It seems to me that there’s a contemporary confusion between the absolute necessity for more voices from those who were dispossessed and marginalised and/or continue to be, and stopping those who are not of or from a specific group writing about it.

And I worry that there’s a view that somehow fiction is a limited resource, that if one person writes about something they are preventing someone else from doing so.

As Nunn notes:

The search for authentic and diverse fiction is helping to address a centuries-old lack of outside voices, and for that, I am grateful.

But to insist that stories be told only by those with “lived experience” goes against my belief in imagination, empathy, research and the shared experience of being human.

I understand the essentialism of these approaches she describes – because it is understandable as a response to oppression. But there are contradictions in essentialism. Is the idea that we break down or reinforce ideas of ‘otherness’? My own inclination is the former while accepting that there are distinctions of place and time (though not of humanity). But I think that while there should be regard for specific voices that doesn’t mean they are the only voices that can or should be heard.

And it is the proscriptive nature of the second that is troubling – because it engenders problems given the sheer cultural weight of those who have greater access to the levers of power.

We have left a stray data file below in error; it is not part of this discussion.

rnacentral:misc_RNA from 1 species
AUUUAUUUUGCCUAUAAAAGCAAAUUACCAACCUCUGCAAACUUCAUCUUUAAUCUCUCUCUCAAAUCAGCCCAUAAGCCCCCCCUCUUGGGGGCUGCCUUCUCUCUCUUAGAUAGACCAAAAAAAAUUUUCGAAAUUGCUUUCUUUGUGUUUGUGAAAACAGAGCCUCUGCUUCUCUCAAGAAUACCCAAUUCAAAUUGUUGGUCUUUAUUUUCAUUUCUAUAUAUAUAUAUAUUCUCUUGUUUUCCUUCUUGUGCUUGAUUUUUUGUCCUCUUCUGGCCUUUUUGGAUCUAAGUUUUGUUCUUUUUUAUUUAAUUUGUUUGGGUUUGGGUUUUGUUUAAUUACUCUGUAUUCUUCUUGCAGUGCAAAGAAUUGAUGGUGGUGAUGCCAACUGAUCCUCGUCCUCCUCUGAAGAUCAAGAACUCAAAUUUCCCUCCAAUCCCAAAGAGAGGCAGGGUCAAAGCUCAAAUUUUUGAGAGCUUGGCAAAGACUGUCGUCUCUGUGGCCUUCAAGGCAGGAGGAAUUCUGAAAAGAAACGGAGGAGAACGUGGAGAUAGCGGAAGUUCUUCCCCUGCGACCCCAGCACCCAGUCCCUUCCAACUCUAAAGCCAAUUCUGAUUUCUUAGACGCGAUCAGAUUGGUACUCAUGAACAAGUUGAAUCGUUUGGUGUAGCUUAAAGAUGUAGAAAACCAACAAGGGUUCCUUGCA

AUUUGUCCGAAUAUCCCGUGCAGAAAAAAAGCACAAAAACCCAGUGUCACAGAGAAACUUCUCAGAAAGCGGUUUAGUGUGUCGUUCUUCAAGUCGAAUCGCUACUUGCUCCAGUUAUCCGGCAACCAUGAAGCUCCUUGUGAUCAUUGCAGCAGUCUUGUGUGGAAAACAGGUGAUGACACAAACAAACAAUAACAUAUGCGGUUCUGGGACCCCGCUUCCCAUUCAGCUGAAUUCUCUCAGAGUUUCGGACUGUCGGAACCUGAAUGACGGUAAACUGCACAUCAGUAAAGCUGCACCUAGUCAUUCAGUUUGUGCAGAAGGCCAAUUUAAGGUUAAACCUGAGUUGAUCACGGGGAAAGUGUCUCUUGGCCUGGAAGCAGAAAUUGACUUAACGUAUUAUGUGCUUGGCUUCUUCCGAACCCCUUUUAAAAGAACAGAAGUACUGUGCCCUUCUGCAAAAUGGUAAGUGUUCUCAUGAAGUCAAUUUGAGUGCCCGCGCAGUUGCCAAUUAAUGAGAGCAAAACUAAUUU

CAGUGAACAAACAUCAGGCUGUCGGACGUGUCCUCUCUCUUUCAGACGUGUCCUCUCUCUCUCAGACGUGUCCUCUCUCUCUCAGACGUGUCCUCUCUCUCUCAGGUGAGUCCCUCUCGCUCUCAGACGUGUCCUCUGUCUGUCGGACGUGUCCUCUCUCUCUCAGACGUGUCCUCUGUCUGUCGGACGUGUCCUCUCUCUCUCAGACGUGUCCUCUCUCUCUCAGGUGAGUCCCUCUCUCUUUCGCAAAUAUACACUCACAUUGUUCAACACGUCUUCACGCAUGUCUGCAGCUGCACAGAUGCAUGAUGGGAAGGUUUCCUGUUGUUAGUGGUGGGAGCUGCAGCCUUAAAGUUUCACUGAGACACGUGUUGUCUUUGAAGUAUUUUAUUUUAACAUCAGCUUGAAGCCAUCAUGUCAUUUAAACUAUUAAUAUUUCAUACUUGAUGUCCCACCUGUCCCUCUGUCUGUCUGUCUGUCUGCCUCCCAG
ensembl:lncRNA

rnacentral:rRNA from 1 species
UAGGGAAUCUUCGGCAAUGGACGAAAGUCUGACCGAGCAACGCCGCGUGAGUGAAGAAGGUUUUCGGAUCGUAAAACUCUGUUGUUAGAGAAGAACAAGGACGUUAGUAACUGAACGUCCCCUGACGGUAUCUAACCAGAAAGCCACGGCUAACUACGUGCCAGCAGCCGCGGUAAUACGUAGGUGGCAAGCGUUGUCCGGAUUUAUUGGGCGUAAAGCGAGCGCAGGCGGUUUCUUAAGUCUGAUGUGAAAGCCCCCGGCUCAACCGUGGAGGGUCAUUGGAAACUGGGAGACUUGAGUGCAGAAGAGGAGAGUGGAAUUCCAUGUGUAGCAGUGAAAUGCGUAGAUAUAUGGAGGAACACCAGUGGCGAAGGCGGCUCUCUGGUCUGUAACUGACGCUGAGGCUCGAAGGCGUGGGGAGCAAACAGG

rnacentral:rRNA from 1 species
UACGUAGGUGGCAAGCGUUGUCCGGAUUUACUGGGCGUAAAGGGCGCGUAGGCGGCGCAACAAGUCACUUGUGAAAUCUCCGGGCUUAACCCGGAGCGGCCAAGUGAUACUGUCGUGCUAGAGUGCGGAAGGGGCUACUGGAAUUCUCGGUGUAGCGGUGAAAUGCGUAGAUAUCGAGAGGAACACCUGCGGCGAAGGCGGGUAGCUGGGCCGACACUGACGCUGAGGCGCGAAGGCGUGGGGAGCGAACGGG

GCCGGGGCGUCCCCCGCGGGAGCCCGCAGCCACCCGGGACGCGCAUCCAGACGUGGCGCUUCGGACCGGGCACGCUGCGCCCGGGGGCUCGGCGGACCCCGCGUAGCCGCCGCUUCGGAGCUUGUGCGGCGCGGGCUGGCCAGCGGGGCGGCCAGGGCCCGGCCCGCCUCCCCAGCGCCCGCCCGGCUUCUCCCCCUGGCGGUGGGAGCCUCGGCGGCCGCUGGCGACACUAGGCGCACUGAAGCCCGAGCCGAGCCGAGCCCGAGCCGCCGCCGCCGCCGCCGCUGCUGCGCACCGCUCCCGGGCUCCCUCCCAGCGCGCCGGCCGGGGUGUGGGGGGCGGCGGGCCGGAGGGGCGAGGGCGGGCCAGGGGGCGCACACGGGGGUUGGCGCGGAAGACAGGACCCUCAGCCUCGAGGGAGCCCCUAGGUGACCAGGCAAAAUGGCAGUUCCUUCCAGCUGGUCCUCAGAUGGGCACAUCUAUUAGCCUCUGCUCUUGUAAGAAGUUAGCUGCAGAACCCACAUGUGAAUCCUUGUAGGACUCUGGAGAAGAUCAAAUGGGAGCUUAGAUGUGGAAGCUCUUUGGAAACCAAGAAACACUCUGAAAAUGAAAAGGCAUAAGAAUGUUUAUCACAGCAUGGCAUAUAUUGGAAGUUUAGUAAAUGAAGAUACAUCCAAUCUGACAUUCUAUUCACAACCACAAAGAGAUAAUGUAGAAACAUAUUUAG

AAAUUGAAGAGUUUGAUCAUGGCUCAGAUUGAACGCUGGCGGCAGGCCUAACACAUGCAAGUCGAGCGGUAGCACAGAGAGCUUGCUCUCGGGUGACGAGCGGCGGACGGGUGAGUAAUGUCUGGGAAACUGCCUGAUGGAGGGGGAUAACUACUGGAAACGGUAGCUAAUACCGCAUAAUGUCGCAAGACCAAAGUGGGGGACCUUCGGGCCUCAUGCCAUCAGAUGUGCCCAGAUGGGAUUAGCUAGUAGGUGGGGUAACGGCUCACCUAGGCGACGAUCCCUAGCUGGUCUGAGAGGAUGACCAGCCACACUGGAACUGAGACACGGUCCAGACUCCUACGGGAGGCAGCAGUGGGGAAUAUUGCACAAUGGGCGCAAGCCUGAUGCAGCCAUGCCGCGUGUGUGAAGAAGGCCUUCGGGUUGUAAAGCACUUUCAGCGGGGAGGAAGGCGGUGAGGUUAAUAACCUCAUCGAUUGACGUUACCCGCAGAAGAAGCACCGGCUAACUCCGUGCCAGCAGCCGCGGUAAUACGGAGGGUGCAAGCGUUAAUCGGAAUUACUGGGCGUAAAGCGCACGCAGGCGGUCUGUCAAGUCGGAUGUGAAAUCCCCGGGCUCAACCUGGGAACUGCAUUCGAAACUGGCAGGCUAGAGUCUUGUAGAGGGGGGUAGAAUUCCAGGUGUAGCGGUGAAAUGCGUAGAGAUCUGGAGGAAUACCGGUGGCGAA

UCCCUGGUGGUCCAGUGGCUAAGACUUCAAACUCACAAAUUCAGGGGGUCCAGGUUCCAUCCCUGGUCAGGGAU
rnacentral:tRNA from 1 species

And she makes a very interesting concluding point:

I leave you with an example of the power of story to transcend an author’s “lived experience”: The Number 1 Ladies’ Detective Agency by Alexander McCall Smith, a white, Zimbabwean-born author. The books lack the grit and authenticity I wanted in southern African crime fiction. My mother, on the other hand, adored the series. When she sat down to read those books, she wasn’t looking for hard-edged reality. She’d lived through poverty, shame and racism in real time. She wanted humour, hope and a black woman in control. Alexander McCall Smith’s work gives her that. I’ll let her and all the other readers decide where they stand in relation to the character and the story.

Two readers, both with similar backgrounds, approaching a work of fiction in two very different ways – and yet no call for the fiction to be excised.